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    Thanks Cees and everybody else--I'll have to carefully consider what to do because this isn't my computer.

    Unfortunately, I don't have the skills to dissasemble the computer to physically move the hardrive around (and the only other computer we own is a laptop).

    Here's two more questions if you don't mind--I won't hold anyone responsible for anything so go ahead and give me your best guesses:

    1) Can viruses infect other parts of the computer, besides the hardrive? Because it would be a major bummer if we reformatted the hardrive with the restore discs & the virus was hiding somewhere else, ready to reinfect everything again.

    I'm sure the following incident is also virus-related but I figured it wouldn't hurt to provide as much info as possible about this virus in case someone else out there encounters it.

    2) Last night I had a Windows dialog box pop up tersely stating "SYSTEM RESOURCES ARE DANGEROUSLY LOW" and offered to shut down certain programs.......except they were (I think) actual operating system programs, and not IE, media players, etc. This is the second time this has happened since being infected, but before that, this had never happened before. All I had going was two IE windows (the HTF forum and a sports forum) and Realplayer8 which wasn't even streaming anything at the time. That box appeared as soon as I a clicked on a Realplayer link on cduniverse.com and then tried to minimise it. I went through about four of those warning boxes with various weird looking programs listed on them and eventually the computer completely locked up and I had to reach under the desk and literally pull the plug & then plug it back it in to restart it. And of course the incorrect shut down box appeared and it took almost 15 minutes(!) for it to check the hardrive--while this procedure was taking place the hardrive sounded like it was on amphetamines.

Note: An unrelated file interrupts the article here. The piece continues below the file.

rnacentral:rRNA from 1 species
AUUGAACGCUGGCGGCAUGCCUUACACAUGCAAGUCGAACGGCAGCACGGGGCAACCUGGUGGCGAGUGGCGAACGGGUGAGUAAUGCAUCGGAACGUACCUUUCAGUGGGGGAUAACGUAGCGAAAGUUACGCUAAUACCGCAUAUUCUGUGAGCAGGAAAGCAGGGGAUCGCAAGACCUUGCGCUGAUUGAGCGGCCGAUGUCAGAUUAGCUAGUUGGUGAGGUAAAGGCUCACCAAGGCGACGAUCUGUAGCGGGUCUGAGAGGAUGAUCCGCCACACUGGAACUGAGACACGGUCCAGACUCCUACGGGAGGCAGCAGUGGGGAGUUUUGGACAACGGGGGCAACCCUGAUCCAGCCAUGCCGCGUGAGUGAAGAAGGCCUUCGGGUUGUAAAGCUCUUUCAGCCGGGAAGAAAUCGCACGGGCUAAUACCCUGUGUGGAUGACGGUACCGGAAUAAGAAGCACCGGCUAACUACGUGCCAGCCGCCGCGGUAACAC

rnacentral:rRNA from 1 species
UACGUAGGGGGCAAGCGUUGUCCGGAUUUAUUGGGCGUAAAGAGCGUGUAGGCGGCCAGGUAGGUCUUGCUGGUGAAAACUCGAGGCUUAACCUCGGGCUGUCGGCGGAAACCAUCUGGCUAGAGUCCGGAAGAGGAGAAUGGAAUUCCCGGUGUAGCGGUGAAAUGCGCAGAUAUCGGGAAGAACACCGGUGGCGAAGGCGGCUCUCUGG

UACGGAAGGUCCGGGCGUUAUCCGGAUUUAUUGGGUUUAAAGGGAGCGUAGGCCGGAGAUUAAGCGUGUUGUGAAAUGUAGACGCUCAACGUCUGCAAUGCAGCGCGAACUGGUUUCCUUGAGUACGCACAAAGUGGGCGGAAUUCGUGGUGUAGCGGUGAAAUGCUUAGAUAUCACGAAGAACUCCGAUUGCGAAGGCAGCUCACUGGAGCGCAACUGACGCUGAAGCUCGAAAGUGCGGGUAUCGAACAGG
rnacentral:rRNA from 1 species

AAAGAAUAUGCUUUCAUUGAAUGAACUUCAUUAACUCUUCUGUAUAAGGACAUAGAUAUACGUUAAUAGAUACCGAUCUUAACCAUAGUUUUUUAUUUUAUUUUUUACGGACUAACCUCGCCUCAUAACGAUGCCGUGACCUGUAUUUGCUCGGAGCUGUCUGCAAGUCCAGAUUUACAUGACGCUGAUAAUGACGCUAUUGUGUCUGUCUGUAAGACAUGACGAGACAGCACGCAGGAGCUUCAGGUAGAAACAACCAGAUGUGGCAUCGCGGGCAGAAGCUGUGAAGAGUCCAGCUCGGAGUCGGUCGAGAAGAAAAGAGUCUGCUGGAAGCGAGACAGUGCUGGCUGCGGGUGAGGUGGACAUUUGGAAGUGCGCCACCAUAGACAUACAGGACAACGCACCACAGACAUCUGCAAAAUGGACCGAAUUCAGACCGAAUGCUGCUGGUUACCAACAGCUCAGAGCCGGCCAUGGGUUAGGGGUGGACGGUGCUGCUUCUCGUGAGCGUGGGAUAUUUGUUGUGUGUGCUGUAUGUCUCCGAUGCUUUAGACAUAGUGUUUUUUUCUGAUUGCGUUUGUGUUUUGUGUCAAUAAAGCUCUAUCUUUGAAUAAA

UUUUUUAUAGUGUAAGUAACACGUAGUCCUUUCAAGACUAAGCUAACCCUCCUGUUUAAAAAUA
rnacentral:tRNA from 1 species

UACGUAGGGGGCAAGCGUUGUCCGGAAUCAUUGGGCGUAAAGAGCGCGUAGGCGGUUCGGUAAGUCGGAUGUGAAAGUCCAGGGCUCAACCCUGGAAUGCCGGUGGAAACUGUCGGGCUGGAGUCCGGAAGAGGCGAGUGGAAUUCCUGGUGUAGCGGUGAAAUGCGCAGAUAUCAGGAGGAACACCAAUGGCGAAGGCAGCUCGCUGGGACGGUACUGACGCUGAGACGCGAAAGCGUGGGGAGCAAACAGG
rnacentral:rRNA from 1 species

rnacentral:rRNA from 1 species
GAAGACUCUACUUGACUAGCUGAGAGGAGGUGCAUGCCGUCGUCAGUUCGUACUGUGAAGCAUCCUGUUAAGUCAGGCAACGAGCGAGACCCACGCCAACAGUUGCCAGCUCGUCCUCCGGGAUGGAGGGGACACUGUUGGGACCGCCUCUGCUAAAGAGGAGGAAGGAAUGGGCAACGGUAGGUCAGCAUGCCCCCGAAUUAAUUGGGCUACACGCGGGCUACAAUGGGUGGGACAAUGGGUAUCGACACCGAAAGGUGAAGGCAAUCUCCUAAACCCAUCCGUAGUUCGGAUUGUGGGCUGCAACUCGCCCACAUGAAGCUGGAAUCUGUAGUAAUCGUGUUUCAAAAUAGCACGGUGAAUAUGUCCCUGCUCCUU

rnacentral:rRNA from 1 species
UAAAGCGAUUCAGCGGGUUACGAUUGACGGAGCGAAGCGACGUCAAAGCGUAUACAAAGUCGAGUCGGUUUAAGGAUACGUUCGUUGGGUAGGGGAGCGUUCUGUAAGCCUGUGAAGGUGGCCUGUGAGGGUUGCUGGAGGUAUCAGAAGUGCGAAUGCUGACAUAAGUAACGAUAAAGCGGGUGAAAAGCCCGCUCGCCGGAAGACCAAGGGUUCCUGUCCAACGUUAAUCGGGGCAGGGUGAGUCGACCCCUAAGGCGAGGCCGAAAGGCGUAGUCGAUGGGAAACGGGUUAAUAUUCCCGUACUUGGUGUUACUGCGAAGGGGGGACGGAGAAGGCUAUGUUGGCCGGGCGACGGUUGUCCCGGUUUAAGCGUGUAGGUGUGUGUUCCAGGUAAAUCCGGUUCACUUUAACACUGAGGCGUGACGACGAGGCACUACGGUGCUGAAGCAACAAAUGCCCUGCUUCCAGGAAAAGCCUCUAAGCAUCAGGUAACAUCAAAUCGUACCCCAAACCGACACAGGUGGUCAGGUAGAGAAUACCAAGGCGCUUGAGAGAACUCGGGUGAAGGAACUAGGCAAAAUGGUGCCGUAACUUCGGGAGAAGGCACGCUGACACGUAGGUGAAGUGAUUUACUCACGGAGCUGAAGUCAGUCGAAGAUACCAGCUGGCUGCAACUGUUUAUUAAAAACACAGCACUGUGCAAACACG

And without trying to start an argument, are Apples inherently less susceptible to viruses or is it that the people that send viruses just hate Microsoft? Because all we do with our computers is use the Internet, write emails, use a scanner about once a month and use Word for letters and resumes. No gaming, no Photoshop stuff, no audio-related activities.

    Thanks again. [​IMG]

    LJ
     
  6. Gabriel_Lam

    Gabriel_Lam Screenwriter

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    1. It can infect other writable disks, like floppies. It cannot infect burned CD's though.

    2. It's because apple owns 4% of the marketshare. If your goal was to screw as many computers as possible, writing apple OS viruses is a waste of your time.
     
  7. Cees Alons

    Cees Alons Moderator
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    Lance,